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Unread 19-04-2006, 14:02   #21
Colm Donoghue
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I was on the 18:15 Pearse Drogheda last night. The train overshot the platform at Rush and Lusk, The doors didn't open for a good while, then the driver announced for passengers at the first door not to get off and get off at the rear door of the first car. I was getting off at the rear door anyway.
I got a poor phonecamera shot of the front of the train, I lost the number of the second car in the train though.
Should I contact the rsc or is this too little info to go on?

On another note, it's good to see the rsc are so easy to find, with their website and all.... not.
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Unread 19-04-2006, 14:42   #22
PaulM
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Send it all in anyway. The more the merrier.
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Unread 19-04-2006, 14:46   #23
Mark Gleeson
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Once you have the number of any of the 4 leading coaches that all the last 2 digits reveal the set number in almost all cases

In this case the driver did make a PA and the overrun was less than a coach length its not worth reporting, if no PA was made it would have been worth reporting
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Unread 19-04-2006, 15:28   #24
philip
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Quote:
Originally Posted by Mark Gleeson
Once you have the number of any of the 4 leading coaches that all the last 2 digits reveal the set number in almost all cases

In this case the driver did make a PA and the overrun was less than a coach length its not worth reporting, if no PA was made it would have been worth reporting
I'd have to disagree Mark. Making a PA is the least he should do after the train has overshot the platform. What if the only passenger in the leading coach was deaf and was disembarking at the front door, then the PA would be useless and Mr. deaf passenger falls out into the darkness (and what if the driver doesn't see that?). It seems it happens often enough when our small group here can report two overshoots in as many months. There must be many more. Report it I say.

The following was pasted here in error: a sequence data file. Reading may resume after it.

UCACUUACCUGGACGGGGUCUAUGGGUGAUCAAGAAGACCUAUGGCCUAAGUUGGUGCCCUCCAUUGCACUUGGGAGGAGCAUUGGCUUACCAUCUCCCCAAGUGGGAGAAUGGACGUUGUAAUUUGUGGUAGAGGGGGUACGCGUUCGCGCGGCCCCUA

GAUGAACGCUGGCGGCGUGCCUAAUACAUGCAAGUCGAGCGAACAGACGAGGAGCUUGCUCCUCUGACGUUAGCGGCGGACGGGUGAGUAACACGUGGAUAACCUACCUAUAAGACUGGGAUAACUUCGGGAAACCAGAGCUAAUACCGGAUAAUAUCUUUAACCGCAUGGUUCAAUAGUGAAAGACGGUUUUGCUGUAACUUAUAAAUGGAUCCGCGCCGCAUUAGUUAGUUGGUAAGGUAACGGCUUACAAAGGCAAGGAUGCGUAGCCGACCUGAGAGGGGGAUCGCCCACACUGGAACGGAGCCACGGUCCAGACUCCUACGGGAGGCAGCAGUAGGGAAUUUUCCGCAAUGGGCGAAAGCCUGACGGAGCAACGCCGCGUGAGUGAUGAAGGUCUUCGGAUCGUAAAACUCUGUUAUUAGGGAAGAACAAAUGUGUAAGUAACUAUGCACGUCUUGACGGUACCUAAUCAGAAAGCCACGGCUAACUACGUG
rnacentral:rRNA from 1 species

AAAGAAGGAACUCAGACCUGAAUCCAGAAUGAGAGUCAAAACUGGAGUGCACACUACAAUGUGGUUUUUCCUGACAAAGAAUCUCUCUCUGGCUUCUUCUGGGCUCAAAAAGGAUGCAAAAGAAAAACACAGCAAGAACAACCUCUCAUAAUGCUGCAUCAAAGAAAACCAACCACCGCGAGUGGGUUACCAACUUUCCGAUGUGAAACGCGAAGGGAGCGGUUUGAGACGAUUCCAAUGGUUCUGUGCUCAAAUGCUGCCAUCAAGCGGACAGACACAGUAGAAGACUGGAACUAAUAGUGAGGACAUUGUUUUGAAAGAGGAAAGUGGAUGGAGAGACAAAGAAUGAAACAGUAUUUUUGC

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Unread 19-04-2006, 15:58   #25
Mark Gleeson
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I've witnessed 1 full coach length overshoot in 20 odd years and I've experienced 1 half coach length overshoot, both where due to poor adhesion conditions and the anit lock brakes did there job, both where same day on the same train, same driver 10 minutes apart, I also experienced a 100m slide at 50mph due to leaves but the driver stopped inch perfect. They are uncommon, typically more common in the autumn but still very rare

Each incident is different but in the scheme of things a 10 m overshoot, where the train was held, passengers informed then doors released is very minor compared to a full coach overshoot with no pa and instant door release
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Unread 19-04-2006, 16:05   #26
PaulM
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I've experienced a carriage overshoot and a full train overshoot. The carriage one is this thread. The train one me and several others went up to the driver. He wreaked of whiskey. I think it should be reported as for all we know it is the same driver in all these instances. He could be an alco for all we know (if my job was that easy I probably would be ).

Yes this is worst case scenario and probably unlikely but reporting it can not hurt. Not repoting it could.
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Unread 19-04-2006, 17:25   #27
philip